So late Friday night, after I drank pink cocktails and saw some gypsy bands and the extremely great Zydepunks at the Pussycat Lounge, my friend Rob and I drove to Massachusetts for the Joseph Cornell exhibit at Salem's Peabody Essex Museum
Which was MINDBLOWING. I have loved Cornell for a while but had only seen a few of his boxes in person and anything else only online. And with him there is a huge difference between what you can capture in photograph and what you see in person, his art is so alive and breathtaking. This exhibit was five whole rooms just chock full of not only his assembled boxes and collages but also films and toys and these collections of papers and ephemera mean to constitute biographies and this completely hilarious deadpan fake gossip rag about birds... and just a ton of other things. And a lot of snippets of writing, even a whole description of a film in which a pheasant jumps into a pile of fresh laundry and disrupts a photographer's shot.. and he was a lovely, lovely writer.. It reminded me of the Diane Arbus exhibit, seeing not only her photos but all these other things she did, including her feverish, poetic writing..
Anyway, you walk in and the first thing you see is a huge projection of a word poem he wrote in the shape of a tower, just strings of words like rain snails crows castles moon coins star-lit fields roosters calliopes trumpets salamanders snow constellations coral lighthouses winding staircases soap bubbles mirrors stalagmites.. and you're already dizzy with these words and then behind it are just.. so many unbelievable things. Cornell was in love with so many things that he gathers together and you have ballerinas inside clamshells and Medici children alongside slot machines from penny arcades and you have Garbo and Dante and birds and fairytales and costume jewelry and twigs and ice cubes... and... basically everything I love and think is beautiful just running up against each other. There's even an homage to Lauren Bacall he made after seeing To Have and Have Not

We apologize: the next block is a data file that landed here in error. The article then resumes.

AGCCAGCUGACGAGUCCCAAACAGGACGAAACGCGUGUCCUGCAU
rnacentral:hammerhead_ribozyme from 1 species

You leave that first room completely full and overwhelmed and then you enter a hall with photos of his studio and the house he lived in for over 40 years in Queens and the shelves of shoeboxes with names scribbled on the side like watch parts, coins, cordials, balls, plastic shells, etc etc, and a display case filled with tools and books.. and you think it's over and it's more than enough, and then you walk into what will be four more rooms.
By the second room I felt so saturated I was afraid I wouldn't remember anything else, so after--and we only had three hours there since we got into Salem at 2pm after staying the night in Worcester--I bought every book on Cornell, and some cards, one with a photo of my favorite thing in the exhibit, this box with a pink palace inside with tiny mirrors for windows and these thin twigs jutting up behind and sparkle everywhere... but in the photo it looks like nothing special and in person it's alive and magical and shifting. One of the books I bought collects Cornell's recordings of his dreams and one was: "March 3, 1944. Dream of going back to Nyack seeing school as the palace I made of mirrors it was like the Plaza only seen as a front facade resplendent in the sunlight."
In the exhibit I wrote down a few things that I will just add in here..
In one display case there was a little box called Little Memories of the Ballet, with tiny bits of ephemera inside--some pearls, bits of barrettes, etc--and a fragment of Cornell's writing describing it: "Into a souvenier case guarding its sealed treasure of costume fragments from 'La Spectre de la Rose'--how explain the intrusion of bejewelled and faded tokens of a ballerina of an earlier day, scented with a renegade blonde hairpin loosened from the chevelure of some Cinderella in her midnight haste... Reward'"